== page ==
More Is Not Merrier
The point of social media marketing is to have a seamless marketing message across multiple platforms using a uniform username that represents your business, brand or service. When multiple profiles are created under your business name, it will scatter your audience rather than consolidate it on a given social media platform.
For starters, managing several pages can be messy. It takes additional time, energy and organization to watch and engage with multiple profiles. The analysis process will also become tedious and inefficient due to the additional time and energy it takes to compound data from multiple profiles.
Having several profiles on a single platform is not only confusing for the business, but the user, too. How will consumers and fans know which profile to reach you on, or trust? Think about having several profiles on a social platform as similar to having several different URLs for your website.
When Is It Okay to Have More Than One Profile?
Facebook profiles can get confusing since there are several types of profiles in addition to a personal profile, such as pages for your business or community. Since different types of profiles serve different functions to users, it is okay to have one or more groups or communities associated with your business page, as long as you only have one business page. Groups and communities help to segment your audience and tend to their specific needs, wants, interests and lifestyles.
What it comes down to is the function of your profile. Ultimately, you do not want several profiles on a single platform that serve the same function.
How Do I Know If I Have More Than One Profile?
The answer to this question may seem overt: If you created several profiles, then you have several profiles. Despite the obvious, sometimes profiles can be created without the business’s knowledge, specifically on Facebook.
Not all Facebook Pages are created with the business’s intent or consent in some matters. Location pages can be created accidentally, confusing users who are searching for your business page. Fake profiles are something to be on the lookout for as well.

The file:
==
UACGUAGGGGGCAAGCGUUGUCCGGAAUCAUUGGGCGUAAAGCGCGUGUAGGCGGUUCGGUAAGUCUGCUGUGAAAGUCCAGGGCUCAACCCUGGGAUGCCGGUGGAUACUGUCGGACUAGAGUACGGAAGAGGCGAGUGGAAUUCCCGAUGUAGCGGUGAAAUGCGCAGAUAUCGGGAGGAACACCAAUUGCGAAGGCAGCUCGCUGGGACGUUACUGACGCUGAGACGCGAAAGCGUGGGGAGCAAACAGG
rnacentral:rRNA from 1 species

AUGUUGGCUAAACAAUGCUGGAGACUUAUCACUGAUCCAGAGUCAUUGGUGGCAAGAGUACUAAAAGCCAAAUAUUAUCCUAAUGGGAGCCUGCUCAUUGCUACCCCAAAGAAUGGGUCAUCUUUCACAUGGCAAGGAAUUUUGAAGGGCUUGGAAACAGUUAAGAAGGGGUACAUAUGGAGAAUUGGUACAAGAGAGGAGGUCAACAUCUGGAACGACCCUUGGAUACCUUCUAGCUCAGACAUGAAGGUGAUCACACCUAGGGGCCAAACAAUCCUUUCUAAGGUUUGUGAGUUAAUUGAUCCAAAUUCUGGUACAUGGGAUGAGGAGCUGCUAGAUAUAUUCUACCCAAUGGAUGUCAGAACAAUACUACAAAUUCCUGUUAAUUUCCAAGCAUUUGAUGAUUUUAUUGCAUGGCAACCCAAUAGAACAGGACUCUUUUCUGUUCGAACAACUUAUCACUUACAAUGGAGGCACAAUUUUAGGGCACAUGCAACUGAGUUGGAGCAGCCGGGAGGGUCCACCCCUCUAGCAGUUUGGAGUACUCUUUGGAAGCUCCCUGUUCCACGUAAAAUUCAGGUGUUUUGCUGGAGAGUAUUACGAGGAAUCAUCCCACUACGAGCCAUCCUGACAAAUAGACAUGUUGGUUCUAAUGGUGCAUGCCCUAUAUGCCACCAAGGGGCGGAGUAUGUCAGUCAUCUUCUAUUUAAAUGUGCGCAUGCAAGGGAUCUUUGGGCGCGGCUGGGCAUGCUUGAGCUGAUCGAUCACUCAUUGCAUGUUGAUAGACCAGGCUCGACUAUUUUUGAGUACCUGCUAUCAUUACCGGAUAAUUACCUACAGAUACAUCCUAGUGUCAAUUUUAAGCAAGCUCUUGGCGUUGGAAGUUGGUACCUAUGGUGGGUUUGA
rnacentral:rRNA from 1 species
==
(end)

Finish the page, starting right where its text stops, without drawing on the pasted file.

Location pages are often times created by users who are attempting to check into your business, but instead of selecting your business page they create a location page. This typically occurs when your business page name does not reflect your actual business name directly, or if a user simply does not know how to search pages or use the Facebook platform effectively.
Then there is the threat of unfriendly competition. Not all competitors play by the rules. Those who don’t may create fake profiles of your business to put a dent in your reputation. Dissatisfied customers may also use social media as catharsis in getting back at businesses for an undesirable experience. What it all comes down to is being proactive about reputation management on social media.
TWITTER, INSTAGRAM, PINTEREST
Aside from Facebook, social media platforms such as Twitter, Instagram and Pinterest do not populate profiles without a business’s intent and consent. However, similar to Facebook, there is always the slight risk that fake profiles of businesses can be created by competitors or dissatisfied customers who are trying to hurt your reputation.